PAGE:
My sister Mary passed away about 48 hours ago, succumbing to the ravages of bodily dissolution after 18 months of battling illness. She had steadfastly insisted that her tribulations remain private and discreet during her sickness, but since there will be obituaries published within the next couple days, I hardly see the point now in maintaining a public silence.
Still, the details are nobody’s business, as strange as that sentiment may sound in the age of Facebook and Twitter. It seems that everything is supposed to be everyone else’s business these days, and in real-time, no less. I think Mary taught those who love her a few important things during the last months and days of her life, and the enduring importance of – and necessary place for – privacy is surely one of them.
Another one of them is the clear demarcation between despair and charitableness. Mary could perhaps have been accused of living in denial at times, but I suspect she always had a pretty realistic view of what lay ahead. Rather than denial, I suspect her insistence on living as large as possible through it all was a refusal to fall into despair, or to seek pity. She preferred that everyone enjoy themselves, and this was itself a choice to reject the self-centeredness of despair for a charitableness toward everyone within her orbit. It becomes ever clearer to me why the Eastern Fathers speak of despondency as sin.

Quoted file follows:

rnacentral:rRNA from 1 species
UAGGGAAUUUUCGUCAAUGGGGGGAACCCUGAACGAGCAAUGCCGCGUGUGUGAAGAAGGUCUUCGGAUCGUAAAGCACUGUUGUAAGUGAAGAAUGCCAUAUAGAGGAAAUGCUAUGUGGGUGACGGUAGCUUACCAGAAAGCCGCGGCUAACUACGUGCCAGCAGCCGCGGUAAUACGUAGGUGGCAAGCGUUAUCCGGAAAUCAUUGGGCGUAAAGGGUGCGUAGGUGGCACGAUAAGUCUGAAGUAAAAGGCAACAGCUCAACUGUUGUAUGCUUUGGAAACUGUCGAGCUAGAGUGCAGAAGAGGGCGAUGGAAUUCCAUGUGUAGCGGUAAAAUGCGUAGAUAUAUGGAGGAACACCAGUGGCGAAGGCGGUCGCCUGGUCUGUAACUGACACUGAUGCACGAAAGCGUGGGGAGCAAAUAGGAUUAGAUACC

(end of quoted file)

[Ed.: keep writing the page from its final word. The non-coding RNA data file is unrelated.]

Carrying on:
Finally, I think we all learned a thing or two about determination, and about the futility of trying to predict where and when the spirit blows. Mary was someone who generally got her way; it is amazing to consider that she found a way to continue to do that, even when she was too weak to whisper.
My little sister, may God give your soul peaceful rest, and call you forth to the resurrection of the just, on the day of the great and final judgment.